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IDC survey reveals Middle East CIO challenges

CIOs in the Middle East have three huge digital transformation challenges this year, even before they start to look at what technologies to use

During digital transformations, CIOs in the Middle East will have to use IT to change the business, prove that their investments are paying off, and keep up with the growing expectations of business teams, according to IDC.

Innovation through IT, measuring the return on IT investments and managing expectations are the three main challenges CIOs in the Middle East face this year, according to the latest survey of IT leaders in the region from the IT analyst company.

At its annual Middle East CIO summit attended by 100 IT heads from the region, this year titled Enabling Dynamic Change for the Digital Era and being held over seven days on a cruiseliner, IDC also said cyber security and mobile technologies will be important to support digital transformation.

Jyoti Lalchandani, IDC’s group vice-president and regional managing director for the Middle East, Africa and Turkey, said: “Our findings suggest that the top three challenges facing the region’s CIOs in 2017 are the need to drive greater innovation through IT, measure the return on investment of IT investments, and manage growing expectations and service needs.”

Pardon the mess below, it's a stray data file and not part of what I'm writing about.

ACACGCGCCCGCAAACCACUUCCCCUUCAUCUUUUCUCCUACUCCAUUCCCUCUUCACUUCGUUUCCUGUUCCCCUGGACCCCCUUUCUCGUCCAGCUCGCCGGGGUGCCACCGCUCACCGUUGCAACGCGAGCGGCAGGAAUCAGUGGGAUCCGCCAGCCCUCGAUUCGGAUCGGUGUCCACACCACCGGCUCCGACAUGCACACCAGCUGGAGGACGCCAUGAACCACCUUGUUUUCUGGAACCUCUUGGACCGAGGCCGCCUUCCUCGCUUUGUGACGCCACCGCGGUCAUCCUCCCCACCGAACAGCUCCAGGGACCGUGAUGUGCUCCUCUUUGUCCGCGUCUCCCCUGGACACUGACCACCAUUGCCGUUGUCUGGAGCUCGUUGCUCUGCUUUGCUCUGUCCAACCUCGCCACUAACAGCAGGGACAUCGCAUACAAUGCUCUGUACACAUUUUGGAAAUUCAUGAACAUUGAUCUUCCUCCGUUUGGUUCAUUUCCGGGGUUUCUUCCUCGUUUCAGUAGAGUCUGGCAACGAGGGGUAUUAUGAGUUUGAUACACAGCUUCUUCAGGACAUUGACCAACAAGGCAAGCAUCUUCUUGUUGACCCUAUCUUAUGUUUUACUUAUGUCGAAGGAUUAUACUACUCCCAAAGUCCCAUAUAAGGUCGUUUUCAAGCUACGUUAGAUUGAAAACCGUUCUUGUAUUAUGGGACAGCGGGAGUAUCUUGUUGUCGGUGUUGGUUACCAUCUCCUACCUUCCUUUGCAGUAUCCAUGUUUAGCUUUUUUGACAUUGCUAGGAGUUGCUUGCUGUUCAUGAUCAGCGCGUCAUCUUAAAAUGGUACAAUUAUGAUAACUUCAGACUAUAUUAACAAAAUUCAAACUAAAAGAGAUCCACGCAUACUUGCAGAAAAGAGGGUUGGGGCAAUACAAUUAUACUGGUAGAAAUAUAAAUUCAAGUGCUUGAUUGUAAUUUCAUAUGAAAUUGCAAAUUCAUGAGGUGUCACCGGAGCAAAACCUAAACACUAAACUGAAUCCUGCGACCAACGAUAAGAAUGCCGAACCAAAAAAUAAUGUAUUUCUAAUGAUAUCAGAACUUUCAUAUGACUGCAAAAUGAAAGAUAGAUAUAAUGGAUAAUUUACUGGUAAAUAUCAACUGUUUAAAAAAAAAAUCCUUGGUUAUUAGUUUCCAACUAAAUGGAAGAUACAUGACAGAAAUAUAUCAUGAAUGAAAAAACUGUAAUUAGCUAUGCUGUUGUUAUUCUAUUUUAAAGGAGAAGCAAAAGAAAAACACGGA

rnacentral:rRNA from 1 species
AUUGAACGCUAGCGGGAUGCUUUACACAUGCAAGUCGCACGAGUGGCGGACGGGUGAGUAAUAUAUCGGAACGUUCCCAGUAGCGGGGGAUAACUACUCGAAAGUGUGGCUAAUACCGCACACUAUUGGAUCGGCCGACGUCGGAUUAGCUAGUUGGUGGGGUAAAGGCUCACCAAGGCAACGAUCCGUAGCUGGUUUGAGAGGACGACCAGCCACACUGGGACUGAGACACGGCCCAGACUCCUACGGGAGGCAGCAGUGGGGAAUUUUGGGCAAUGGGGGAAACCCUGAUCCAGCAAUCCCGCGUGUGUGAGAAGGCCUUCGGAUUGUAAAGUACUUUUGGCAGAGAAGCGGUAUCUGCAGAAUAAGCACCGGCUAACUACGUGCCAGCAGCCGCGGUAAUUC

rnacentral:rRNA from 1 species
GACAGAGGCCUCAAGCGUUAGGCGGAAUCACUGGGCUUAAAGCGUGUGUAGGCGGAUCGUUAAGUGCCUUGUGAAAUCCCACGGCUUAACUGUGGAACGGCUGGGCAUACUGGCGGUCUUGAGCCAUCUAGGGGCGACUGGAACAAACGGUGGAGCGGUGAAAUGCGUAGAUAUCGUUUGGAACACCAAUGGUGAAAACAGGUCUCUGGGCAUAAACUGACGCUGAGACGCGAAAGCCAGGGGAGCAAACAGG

Lalchandani said security and mobile technologies will be important as companies navigate digital transformations, and outlined what CIOs should achieve through these journeys. 

He added that a successful digital transformation will provide “superior customer experience, improved decision making based on timely analytical insights, and enhanced process optimisation and/or automation”.

CIOs will have to be innovative around staffing projects if they are to reach these goals, as many are reducing spending on people.

According to IT decision-makers surveyed by Computer Weekly/TechTarget, half of organisations in the Middle East plan to reduce the amount of money they spend on IT staff in 2017, despite the need for new skills.

Although only 17% expect overall IT budgets to be lower in 2017 than in 2016, a significant 53% expect a drop in the budget allocated to IT staff.

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